Rights Gone Wrong: How Law Corrupts the Struggle for Equality
By Richard Thompson Ford. Farrar, Straus and Giroux, 288 pp, hardcover
The civil-rights movement certainly ranks as one of recent history’s indisputably commendable projects. The fight to break the shackles of racial discrimination by creating new interpretations of constitutional principles and state laws proved incredibly successful. No longer is the United States a breeding ground for sickening displays of outright racism.
Which suggests that, perhaps, the more civil rights we have, the better. Well, not necessarily. At least not according to Stanford law professor Richard Thompson Ford in his new book Rights Gone Wrong: How Law Corrupts the Struggle for Equality.
Today, Ford argues, the problems facing ethnic minorities, the disabled, gays and lesbians, and other marginalized people do not amount to cases of overt discrimination. Now people are mistreated in subtler and more systemic ways. They are excluded from social advancement in ways that can’t easily be rectified legally.
Many African-Americans, for instance, still live in communities produced by a history of segregation. Economically and socially isolated from the broader community, they suffer income inequality that has only grown over the last few decades. “Civil rights litigation and activism have hardly made a dent in these formidable obstacles,” writes Ford. “In fact, sometimes civil rights thinking can distract attention from the real problems, emphasizing dramatic incidents that aren’t good examples of the larger injustices.”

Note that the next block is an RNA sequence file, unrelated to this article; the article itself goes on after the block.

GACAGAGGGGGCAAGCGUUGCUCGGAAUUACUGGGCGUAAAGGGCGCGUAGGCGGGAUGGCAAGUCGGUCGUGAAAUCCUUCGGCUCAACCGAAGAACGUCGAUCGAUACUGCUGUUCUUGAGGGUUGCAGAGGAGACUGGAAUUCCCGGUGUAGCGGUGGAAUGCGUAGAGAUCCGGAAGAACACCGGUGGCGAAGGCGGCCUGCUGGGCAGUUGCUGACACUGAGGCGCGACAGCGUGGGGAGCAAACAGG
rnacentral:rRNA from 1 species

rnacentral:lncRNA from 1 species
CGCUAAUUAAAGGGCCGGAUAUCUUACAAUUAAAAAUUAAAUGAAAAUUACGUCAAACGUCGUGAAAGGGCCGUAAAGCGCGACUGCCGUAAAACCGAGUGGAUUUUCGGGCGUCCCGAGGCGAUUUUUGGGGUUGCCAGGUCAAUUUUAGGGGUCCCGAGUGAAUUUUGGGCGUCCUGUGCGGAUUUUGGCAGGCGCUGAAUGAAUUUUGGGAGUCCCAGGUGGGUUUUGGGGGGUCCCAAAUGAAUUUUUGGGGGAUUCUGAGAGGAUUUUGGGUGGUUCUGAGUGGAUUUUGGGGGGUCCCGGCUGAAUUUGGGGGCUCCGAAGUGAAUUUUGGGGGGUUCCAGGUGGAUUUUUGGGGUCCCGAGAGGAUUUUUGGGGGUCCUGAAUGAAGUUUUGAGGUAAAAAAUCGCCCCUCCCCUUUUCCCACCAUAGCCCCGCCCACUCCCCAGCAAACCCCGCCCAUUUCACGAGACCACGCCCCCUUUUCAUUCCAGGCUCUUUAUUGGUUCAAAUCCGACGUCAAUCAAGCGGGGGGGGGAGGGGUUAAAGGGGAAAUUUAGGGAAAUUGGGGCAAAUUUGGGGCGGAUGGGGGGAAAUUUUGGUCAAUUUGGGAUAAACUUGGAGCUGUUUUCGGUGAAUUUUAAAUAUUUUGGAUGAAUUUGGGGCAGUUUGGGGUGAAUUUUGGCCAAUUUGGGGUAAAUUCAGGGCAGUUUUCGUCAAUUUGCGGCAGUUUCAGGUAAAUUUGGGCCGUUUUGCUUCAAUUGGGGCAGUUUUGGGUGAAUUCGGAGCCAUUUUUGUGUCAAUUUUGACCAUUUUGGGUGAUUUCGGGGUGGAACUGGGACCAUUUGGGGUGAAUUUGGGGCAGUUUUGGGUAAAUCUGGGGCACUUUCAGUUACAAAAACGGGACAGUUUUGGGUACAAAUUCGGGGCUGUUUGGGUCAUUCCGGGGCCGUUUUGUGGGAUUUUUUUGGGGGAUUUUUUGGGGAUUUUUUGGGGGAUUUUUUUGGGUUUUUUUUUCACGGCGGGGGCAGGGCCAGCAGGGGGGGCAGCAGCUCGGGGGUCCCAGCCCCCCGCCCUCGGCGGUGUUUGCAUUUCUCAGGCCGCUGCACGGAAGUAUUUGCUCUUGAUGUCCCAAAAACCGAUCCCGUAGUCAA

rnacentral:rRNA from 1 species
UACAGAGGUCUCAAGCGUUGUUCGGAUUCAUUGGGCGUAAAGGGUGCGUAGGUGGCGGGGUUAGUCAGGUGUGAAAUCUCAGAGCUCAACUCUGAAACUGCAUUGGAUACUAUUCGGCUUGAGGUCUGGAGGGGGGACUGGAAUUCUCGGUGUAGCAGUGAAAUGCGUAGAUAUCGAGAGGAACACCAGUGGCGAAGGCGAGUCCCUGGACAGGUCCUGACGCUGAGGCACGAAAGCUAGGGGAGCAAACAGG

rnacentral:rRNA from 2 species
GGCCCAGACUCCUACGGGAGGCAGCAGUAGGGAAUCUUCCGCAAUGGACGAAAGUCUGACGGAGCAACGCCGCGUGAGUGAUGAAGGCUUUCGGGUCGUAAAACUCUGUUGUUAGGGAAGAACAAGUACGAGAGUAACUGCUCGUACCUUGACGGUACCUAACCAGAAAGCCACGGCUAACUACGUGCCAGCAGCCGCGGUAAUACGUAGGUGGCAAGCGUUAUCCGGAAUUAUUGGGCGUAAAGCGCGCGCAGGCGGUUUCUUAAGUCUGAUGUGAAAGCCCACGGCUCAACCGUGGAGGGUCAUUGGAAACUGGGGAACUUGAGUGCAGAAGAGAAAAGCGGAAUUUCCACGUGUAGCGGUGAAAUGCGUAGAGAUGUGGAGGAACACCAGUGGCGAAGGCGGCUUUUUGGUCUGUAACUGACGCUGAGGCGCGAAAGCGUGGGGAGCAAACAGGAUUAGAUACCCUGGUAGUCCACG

Some civil rights have proven worse than mere distractions, Ford points out. Some have even done more harm than good. He notes, for instance, how the 14th Amendment to the U.S. Constitution, enacted upon the emancipation of slaves to protect their chances of achieving a better life, and ultimately buttressing the legal case for desegregation in 1954’s Brown v. Board of Education, was used in 2007 to prevent racial integration in the Seattle school district. A system in which students were to choose the school they wished to attend (one involving race-based tie-breaking, which, paradoxically, would have led to more racial integration) was deemed contrary to the 14th Amendment.
The solution, according to Ford, is to return to the roots of the civil-rights movement. Progressive Americans should no longer be overly concerned with group identity and the “stigmatic injury, stereotypes and subjective emotional harm” that have led to courts becoming distracted by treating the symptoms of discrimination. They must return to the causes of inequality, and refocus themselves on “economic inequality and the tangible evils of the American racial hierarchy”, argues Ford in this compelling reappraisal of a largely accepted approach to discrimination.